In the summer, Oregon’s Willamette Valley becomes a massive producer of fresh fruit. One of my family’s favorite traditions is to go berry picking. We tend to focus on strawberries (I think we picked about 20 lbs from Daum’s Produce Farm), blueberries (about 40 lbs from Fordyce Farm), and blackberries (more than 5 lbs free from Minto Brown Island Park) but we sometimes get raspberries and others (see here for a complete listing).
I think there is nothing better than the sweetness of a sun-warmed and still slightly dusty blueberry eaten just picked out in the field. I highly recommend it! Plus, what can you do with the berries besides make jams, preserves, and pies (well, and eat them straight too of course)?
But if picking berries is too much work for you, or too warm, or for some reason you don’t like fresh fruit (which would be sad!), there is another option. Not too far away in the foothills of the Cascade Mountains is Silver Falls State Park. My favorite hike is the Trail of Ten Falls (only 8 miles round trip though there are ways to make it shorter), which is well worth it if you love water. I’ll let the pictures speak for themselves!
There are so many beautiful places in Monterey Bay – this is only a quick snapshot of a few places that I love. Hopefully this inspires you to visit and explore each place on your own!
First – the Monterey Bay Aquarium. In addition to being a premier marine science research institution, this aquarium will amaze you with its variety and depth of exhibits. I have been there many times in my life (probably more than 30), and it still takes me three hours to feel like I’ve seen everything. Some of my favorite exhibits are the Outer Bay, and the Kelp Forest.
Second – Carmel Beach. Slightly south of Monterey is Carmel, a beautiful (but touristy!) town that has a very lively feel. The town is built in a hill and at the bottom is a perfect beach. The sand is soft and the waves curl in green-blue spirals and crash delightfully cool on your feet in contrast to the warmth of the California sun. If you are blessed, you might even see a pod of dolphins!
Third – Point Lobos State Natural Reserve. Take the famous California Highway 1 even further south of Carmel about 10 minutes and you will come to Point Lobos, which has been called "the greatest meeting of land and sea in the world" by Francis McComas, and I would hasten to add "of sky" as well. With trails that hug the coastline, this is a place not to be missed for all you hikers out there.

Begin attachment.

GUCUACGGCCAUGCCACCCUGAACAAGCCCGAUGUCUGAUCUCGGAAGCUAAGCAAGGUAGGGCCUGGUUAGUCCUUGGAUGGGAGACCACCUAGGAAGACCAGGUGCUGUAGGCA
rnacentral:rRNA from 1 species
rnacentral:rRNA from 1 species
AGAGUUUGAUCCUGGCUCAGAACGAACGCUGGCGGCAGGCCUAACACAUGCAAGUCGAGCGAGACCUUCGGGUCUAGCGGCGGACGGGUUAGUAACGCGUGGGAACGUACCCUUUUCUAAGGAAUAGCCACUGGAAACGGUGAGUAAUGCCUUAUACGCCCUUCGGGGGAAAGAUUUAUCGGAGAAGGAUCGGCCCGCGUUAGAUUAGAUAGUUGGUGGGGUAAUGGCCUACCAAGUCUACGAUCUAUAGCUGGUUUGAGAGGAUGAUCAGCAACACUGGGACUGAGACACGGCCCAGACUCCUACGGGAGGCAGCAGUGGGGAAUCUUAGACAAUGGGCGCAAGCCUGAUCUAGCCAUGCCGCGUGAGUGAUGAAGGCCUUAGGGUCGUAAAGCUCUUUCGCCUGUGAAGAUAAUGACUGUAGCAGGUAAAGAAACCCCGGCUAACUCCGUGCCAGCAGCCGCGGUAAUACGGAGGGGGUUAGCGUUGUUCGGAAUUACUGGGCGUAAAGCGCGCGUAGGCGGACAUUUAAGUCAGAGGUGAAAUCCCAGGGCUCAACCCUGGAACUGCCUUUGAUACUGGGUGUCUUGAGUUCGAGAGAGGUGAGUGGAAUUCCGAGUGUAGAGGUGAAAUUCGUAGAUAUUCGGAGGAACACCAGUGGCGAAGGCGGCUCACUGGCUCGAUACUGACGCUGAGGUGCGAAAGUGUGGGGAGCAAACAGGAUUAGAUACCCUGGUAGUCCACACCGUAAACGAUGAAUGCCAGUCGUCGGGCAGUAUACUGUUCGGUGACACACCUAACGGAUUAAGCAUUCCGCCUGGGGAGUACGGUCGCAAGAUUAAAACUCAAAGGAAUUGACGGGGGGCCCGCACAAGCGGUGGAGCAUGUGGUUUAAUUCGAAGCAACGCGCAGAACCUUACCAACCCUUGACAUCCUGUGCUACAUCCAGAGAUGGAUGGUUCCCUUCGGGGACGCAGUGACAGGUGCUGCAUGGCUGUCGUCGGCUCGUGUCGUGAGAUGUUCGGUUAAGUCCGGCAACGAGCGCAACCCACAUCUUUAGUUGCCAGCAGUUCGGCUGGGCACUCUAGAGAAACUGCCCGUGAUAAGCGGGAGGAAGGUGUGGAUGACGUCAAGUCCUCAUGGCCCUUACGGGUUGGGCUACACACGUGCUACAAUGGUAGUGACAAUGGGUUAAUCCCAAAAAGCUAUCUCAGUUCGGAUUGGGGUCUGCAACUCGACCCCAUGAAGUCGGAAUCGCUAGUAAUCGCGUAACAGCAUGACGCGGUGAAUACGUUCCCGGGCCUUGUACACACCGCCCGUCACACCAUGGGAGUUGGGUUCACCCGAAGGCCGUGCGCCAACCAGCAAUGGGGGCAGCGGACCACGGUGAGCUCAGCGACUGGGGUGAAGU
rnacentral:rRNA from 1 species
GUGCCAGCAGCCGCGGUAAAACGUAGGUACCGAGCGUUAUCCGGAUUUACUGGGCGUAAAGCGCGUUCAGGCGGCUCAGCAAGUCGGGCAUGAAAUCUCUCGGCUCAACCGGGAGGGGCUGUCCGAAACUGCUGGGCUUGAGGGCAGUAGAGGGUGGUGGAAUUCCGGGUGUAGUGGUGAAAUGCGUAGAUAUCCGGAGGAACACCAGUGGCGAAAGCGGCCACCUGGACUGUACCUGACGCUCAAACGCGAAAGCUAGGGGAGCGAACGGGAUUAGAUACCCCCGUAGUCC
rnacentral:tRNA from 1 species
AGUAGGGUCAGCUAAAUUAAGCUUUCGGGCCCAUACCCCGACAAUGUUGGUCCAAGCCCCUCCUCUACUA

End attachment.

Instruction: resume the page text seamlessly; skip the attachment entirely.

Just off highway 101 in Central California is a small dusty town surrounded by golden hills – San Juan Bautista.
It is easy to miss – but at the heart of this town is a piece of history, the Old Mission San Juan Bautista, begun in 1797 by Fr. Fermin de Lasuen, the successor to Junipero Serra. Not only is the mission a historic site, it is also a functioning Catholic parish. There is a state historic park in the town, and several of the old buildings are converted into museums.
Some of the mission has been converted into a museum commemorating the early mission days and the Native Americans living there. There are two beautiful chapels, gardens, and an old cemetery that looks over the Juan Bautista de Anza National Historic Trail that in past times used to connect San Juan Bautista to Salinas, CA.
In addition to visiting the mission, one of my family’s favorite traditions is to eat lunch at Jardines, a restaurant with delicious Hispanic food and beautiful gardens in the back.
If you are up for more adventures, consider driving up to the top of Fremont’s Peak, which is one of the higher peaks in the Gavilan Range that borders the Salinas Valley (made famous by John Steinbeck’s writings, who grew up there) where you’ll find good views out to Monterey Bay and inland to the San Benito Valley.
The most recent travels of the Eindhoven mug took it to the capitol of the USA. I find it fascinating to stand in history-seeped places that form part of the heart of the USA. I try to imagine all that has passed or is passing in these places and what they are memorializing, even though in some ways, the USA is a relatively young country compared to the rest of the world.